Posted by: jamesotis | September 24, 2008

Meme’d Moments

Thanks Marge. And thanks Turtle, not only for kicking this off but for being one of the wonderful librarians who won’t call the men in white coats just because someone is crying at the computers.

The defining moments in our lives shape not only who we are but how we view the world. There are many people and events that color our perspective on life and fine-tune our ideals and values, but there are a select few that hold a special gravity, they mark turning points, growth, milestones.

So what moments (some longer than others) shaped my life as a clay shapes the potter?

The summer after kindergarten held two such moments, but only one that I can bring myself to blog about today. One emotional item per blog and in nice chewable bits please. (By myself at any rate. Dig out your steak knives and meat saws y’all. I routinely bite off more than my readers can chew.) That summer I read my first Big Book. I’d been chipping away at my family’s Tom Swift Jr. novels for a year, but here was a masterpeice: Robin Hood. In Middle English. The KJV is good for something besides brainwashing diciples and confusing your teachers (honest, it was my sister Lilith, not me). My first Wonderful Librarian, whose name escapes me at the moment (*many days later* – Miss Markoff), lent it to me from the school library with a wink to my mom. And a dropped jaw when I returned the tome, read and understood cover to cover.  Besides giving me a taste for ecclectic and skilled literature it gave me a portal into a whole new world. I would become the kid who, in the absence of a television, stayed up reading and invented ways to avoid detection. Who when asked by his dad if he was alright (I had leaned over to get my backpack out of the car footwell and stayed hunched over) would reply, “Hmm? Oh, I’m reading the back of this oil can.” TV is O.K., but my imagination is better.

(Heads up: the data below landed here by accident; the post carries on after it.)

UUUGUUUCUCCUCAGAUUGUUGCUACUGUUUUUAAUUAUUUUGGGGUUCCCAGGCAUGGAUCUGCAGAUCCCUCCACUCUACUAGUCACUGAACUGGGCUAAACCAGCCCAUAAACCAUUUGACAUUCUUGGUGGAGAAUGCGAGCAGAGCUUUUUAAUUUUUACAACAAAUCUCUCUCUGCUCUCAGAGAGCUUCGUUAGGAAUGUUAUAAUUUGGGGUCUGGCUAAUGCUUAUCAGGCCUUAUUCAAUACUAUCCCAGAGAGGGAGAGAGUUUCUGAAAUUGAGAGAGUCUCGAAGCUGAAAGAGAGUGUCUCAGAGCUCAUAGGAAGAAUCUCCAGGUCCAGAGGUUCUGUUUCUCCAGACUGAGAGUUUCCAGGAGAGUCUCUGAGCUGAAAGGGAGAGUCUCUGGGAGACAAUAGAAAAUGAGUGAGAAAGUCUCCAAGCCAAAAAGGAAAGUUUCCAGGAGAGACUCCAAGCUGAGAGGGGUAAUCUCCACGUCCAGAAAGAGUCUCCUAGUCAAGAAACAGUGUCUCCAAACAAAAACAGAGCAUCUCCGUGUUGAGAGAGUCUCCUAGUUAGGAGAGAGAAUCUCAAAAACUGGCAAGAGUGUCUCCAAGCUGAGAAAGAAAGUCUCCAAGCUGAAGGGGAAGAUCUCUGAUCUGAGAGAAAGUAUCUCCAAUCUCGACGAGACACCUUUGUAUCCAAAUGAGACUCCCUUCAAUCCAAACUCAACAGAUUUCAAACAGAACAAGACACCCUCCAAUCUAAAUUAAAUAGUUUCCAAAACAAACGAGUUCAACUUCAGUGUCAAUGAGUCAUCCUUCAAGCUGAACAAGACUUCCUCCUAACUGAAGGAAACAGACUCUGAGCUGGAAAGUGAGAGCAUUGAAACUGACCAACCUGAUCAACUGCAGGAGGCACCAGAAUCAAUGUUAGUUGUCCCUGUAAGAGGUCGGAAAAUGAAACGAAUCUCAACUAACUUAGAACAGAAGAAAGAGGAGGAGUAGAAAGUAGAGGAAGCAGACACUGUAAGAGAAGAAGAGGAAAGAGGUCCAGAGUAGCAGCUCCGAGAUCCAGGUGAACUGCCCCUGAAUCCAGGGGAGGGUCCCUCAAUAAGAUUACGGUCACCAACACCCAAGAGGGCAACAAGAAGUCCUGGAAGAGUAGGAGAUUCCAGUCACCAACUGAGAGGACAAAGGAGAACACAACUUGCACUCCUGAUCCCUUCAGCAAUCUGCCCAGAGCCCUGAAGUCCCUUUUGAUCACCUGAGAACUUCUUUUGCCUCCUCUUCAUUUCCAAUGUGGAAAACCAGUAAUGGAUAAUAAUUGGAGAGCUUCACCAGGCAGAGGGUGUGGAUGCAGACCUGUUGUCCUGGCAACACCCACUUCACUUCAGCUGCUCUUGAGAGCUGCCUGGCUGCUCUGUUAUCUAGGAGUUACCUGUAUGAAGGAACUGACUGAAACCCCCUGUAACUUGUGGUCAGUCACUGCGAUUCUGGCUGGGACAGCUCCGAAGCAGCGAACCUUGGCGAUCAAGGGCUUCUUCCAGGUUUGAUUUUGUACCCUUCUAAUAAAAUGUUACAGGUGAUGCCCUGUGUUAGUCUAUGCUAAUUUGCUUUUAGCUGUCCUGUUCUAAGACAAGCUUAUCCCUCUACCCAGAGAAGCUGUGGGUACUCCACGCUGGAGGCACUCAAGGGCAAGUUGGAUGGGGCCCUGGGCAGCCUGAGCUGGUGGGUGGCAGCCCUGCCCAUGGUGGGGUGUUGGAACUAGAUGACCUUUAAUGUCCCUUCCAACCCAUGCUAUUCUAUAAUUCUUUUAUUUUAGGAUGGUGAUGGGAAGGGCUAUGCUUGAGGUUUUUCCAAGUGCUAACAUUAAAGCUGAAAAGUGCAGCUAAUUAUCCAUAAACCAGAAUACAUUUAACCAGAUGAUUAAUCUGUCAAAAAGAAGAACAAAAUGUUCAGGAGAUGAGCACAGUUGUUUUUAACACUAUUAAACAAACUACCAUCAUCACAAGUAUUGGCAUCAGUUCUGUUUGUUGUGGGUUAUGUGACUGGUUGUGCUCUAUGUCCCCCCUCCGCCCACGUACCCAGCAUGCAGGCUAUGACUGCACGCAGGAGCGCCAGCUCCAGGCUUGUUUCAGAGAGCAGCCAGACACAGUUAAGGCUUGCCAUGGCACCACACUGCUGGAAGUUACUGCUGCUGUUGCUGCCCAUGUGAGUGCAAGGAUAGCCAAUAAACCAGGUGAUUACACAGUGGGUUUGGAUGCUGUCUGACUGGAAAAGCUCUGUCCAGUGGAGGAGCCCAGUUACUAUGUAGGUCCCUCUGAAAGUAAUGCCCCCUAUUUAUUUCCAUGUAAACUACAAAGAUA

Similarly, my first taste of radio frequency energy. My family would sit nearly every year, listening to The Hobbit on NPR. We went so far as to bootleg copies. We even abandoned Family Reading Time. As soon as I was trusted with my own radio I snagged the next pair of broken headphones I saw and learned the art of searching out distant radio and TV stations, DXing. Later would come my Brittish obsession, accent aquisiton and further consternation of the world in general. Today I hold a General class U.S. Amateur Radio Licence, but am seldom on the air. I still prefer to build antennas and snoop around the ionosphere.

Speaking of FRT, it’s right up there. Marge, you are still perhaps the best story reader I know. Seldom an accent, but inflection that tells another story beside words. Such books as Below the Root, and it’s sequel And All Between, The Hobbit, Sweetwater and various others. No wonder I was am so strange. I still have the urge to try to fly, walk on water and communicate with animals. And not just at the peaks of mood swings either.